6 Basic Types of Running Shoe Slideshow

6 Basic Types of Running Shoe Slideshow

This is the newest and most talked-about category. Touting the idea that having less shoe leads to stronger feet and fewer injuries, this category has attracted droves of runners looking for the next big thing. But as most coaches will tell you, there’s no cure-all shoe.
If you want to give barefoot-style footwear a spin, do so with caution. Begin by wearing them a few times a week for 5 to 10 minutes each time and slowly ease into more mileage. That means you’ll need to keep your old, more traditional shoes around for the rest of your runs. The idea is to slowly build up strength in the necessary supporting bones and soft tissues before pushing your body to injury.

Vibram FiveFingers KSO

The KSO, which is based on the original FiveFingers, is a true barefoot shoe. Like its predecessor, it's light and comfortable, dries quickly and feels great off-road (park, field, dirt, etc.), though it comes with a sturdier closure system that makes your foot feel secure on the go. If you plan to run on pavement, look into the FiveFingers Bikila, which better protects the toes and forefoot.
$85; vibramfivefingers.com

New Balance Minimus Zero
This barely-there, zero-drop shoe weighs in at a scant 6.4 ounces. The mesh upper is breathable and conforms to the foot almost like a sock (which makes sense, since New Balance designed it to be worn with or without socks). But for such a lightweight shoe, the Minimus still packs more foam than its competition, allowing the sole to be flexible and absorb shock from pebbles and small debris. This is a very fast shoe that simply won't get in the way of your run.
$90; newbalance.com

The same advice applies to many minimalist shoes, however, the process of transition can often be quicker. Minimalist shoes look more similar to regular running shoes, but they tend to be lightweight and have a lower profile. While we’ve recently started calling them “minimalist” (it’s better marketing-speak than “Spartan,” I guess), most experienced runners simply call them “racing flats.”
As the name suggests, runners looking for an extra edge use these shoes for competition and speed workouts. By putting the majority of their miles on regular (read: heavier) training shoes, then switching to lighter minimalist shoes for races, runners can hit a quicker, more efficient stride when it really matters. With the newfound popularity of barefoot and minimalist shoes, though, more runners are putting major training miles on these shoes. Should you choose to lighten your load, be sure to transition slowly and listen to your body.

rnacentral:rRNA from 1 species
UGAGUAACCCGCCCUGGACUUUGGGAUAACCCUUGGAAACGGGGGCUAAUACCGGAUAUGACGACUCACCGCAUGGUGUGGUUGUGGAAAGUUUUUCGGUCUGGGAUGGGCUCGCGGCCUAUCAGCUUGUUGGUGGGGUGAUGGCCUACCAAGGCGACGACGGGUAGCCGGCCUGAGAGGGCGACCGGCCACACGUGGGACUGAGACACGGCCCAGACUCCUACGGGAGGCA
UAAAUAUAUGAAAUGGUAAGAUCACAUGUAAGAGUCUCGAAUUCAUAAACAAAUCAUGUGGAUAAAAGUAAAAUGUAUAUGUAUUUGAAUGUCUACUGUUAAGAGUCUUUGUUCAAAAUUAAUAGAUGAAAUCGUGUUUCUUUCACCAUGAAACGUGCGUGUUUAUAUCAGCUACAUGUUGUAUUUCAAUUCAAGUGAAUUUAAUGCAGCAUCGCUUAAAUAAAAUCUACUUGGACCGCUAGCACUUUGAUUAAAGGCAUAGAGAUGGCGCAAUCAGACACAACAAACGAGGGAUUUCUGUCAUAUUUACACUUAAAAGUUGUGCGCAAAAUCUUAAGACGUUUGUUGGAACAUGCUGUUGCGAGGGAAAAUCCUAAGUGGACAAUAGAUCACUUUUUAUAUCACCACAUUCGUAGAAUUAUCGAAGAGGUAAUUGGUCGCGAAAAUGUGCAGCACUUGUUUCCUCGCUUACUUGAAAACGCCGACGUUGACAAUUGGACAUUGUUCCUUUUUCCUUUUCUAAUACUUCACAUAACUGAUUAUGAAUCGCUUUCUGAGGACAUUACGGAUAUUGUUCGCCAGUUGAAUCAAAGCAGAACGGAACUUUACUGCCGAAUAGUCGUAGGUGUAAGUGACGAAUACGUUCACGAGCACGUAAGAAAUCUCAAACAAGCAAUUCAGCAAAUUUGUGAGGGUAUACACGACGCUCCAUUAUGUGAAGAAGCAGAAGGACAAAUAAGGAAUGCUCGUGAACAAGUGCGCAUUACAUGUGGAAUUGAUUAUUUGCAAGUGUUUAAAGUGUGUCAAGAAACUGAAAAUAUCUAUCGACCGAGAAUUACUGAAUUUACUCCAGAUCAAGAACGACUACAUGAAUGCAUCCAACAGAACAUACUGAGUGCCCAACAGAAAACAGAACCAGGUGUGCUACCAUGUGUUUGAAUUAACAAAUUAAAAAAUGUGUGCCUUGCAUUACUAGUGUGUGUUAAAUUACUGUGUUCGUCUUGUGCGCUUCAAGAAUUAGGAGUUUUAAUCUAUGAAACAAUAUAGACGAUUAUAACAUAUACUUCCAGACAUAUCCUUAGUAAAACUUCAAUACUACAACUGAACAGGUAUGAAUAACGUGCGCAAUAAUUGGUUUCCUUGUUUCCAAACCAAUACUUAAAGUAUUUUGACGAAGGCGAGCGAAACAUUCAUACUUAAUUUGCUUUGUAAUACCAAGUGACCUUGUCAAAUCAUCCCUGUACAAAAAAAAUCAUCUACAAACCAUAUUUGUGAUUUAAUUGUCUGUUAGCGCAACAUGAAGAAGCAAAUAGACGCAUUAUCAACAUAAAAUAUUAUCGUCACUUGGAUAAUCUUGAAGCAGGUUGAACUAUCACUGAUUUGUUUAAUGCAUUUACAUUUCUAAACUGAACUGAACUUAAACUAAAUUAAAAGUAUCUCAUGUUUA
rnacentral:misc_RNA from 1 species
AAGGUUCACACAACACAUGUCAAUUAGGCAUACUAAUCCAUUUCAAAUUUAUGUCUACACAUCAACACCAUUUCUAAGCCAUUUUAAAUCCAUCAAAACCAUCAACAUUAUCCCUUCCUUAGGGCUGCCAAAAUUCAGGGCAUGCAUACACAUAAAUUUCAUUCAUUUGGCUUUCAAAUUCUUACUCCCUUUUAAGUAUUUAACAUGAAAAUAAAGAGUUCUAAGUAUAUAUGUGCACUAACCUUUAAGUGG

The Phase, available March 1, is the most lightweight, flexible shoe ever from SKORA. It was built with a breathable, single-layer mesh upper and laminated reflectors for visibility. Like every SKORA, it has asymmetrical lacing that follows the shape of your foot and a wide toe box that gives your digits better purchase and propulsion. It's fast and light and comes with a removable anti-microbial (read: anti-stink) sockliner.
$110; skorarunning.com

Altra Samson
Altra is another zero-drop shoe company, and the Samson is its middle-of-the-line model. Like the rest, its designed to strengthen feet and promote natural running technique. The upper is a quick-dry mesh that ventilates feet effectively while keeping grit away from toes, and the sole is grippy enough for easy trail runs. Inside, you have the option of using an included 3mm insole, or running directly on the BareSole footbed, which brings your feet within 7mm of bare ground. Think you might need a bit more cushioning? Try Altra's ever-so-slightly beefier, much lauded Instinct.
$100; altrazerodrop.com

This category offers a well-cushioned shoe without any medial posting or extra arch support. This is a hot category for runners with fairly high arches. Since a higher arch usually means a rigid foot, a stiff shoe isn’t necessary. Neutral shoes simply cushion a runner’s footfall, but also flex with his/her natural foot motion to balance out what’s already a structured step. This type of shoe comes in many flavors, including highly cushioned, heavier shoes and less-cushioned, lighter-weight options.

Brooks Ghost 5
This award-winning neutral trainer from Brooks gets it just right. The right amount of cushion, a cozy fit and all-terrain versatility without giving you too much shoe. They're fairly lightweight (11.3 oz.) given their durable, sturdy (not stiff!) build. Expect to get a lot of miles out of these.
$110; brooksrunning.com

Mizuno Wave Precision 13